My sister Teri is running her first marathon in Florence, Italy, this November, and the Adidas Twin Strike shoes I bought her for a semi-marathon four months ago have already had their day. She has flat feet, a low arch, and needs support plus extra cushioning on her forefoot. This is vital here, and I have been doing research for her because she has little knowledge of computers and the world of online resources. Help! Tina Languedoc-Roussillon, France
But I digress. I'd be interested in seeing Teri's Adidas shoes to get a sense of the wear pattern. Overall, I'd say four months of use sounds about right for someone training for a marathon and probably running 50 to 60 miles a week. But often a shoe at that point can still look pretty good—it's the cushioning that's shot. So signs of unusual wear can tell you a lot. That said, you seem to have a good sense of her running style: she's a forefoot striker, has some stability problems, and, as an aside, has generally pretty rotten feet.
So what shoes are best? One good candidate: the Brooks Ariel ($110; www.brooksrunning.com). This shoe is designed for a runner such as Teri, who has flattish feet and some stability issues. It's always tough to mix stability with cushioning, but the Ariel has Brooks' HydroFlow chambers in both the heel and forefoot. If Teri is a pronator—and most runners with stability issues are—then the Asics Gel-Foundation Plus ($90; www.asics.com) is another good shoe; very stable, with pretty good cushioning. The New Balance 900 ($100; www.newbalance.com) offers neutral stability and decent cushioning in a great shoe for a high-mileage runner.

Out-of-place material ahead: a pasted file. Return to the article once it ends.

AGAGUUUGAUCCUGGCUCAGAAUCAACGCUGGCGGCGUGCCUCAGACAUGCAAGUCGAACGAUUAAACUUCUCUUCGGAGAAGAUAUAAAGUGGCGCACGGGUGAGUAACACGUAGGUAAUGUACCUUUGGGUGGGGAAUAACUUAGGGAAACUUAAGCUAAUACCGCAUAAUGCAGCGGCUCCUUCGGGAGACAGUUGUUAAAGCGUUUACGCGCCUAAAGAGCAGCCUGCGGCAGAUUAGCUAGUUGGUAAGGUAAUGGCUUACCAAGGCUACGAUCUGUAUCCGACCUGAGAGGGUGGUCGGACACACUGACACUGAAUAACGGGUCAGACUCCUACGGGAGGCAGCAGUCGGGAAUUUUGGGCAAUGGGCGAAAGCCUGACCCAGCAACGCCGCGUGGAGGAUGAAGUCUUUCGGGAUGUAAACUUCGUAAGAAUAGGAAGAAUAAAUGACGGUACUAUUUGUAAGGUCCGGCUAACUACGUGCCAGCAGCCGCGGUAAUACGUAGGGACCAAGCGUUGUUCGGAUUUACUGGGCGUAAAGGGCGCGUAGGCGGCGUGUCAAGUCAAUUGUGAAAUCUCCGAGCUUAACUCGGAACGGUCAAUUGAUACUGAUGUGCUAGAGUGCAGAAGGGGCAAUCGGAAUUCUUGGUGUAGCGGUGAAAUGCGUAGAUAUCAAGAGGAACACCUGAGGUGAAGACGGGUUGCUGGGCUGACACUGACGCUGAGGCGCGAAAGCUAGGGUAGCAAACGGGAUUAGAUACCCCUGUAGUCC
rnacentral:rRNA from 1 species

In any shoe, Teri might benefit from a pair of Superfeet ($28-$35; www.rei.com), after-market insoles that add stability and cushioning to any shoe. They might help.
I hope your sis has fun and doesn't ditch the sport in a huff like me!
For the year's best running shoes, read the reviews from Outside's 2004 Buyer's Guide.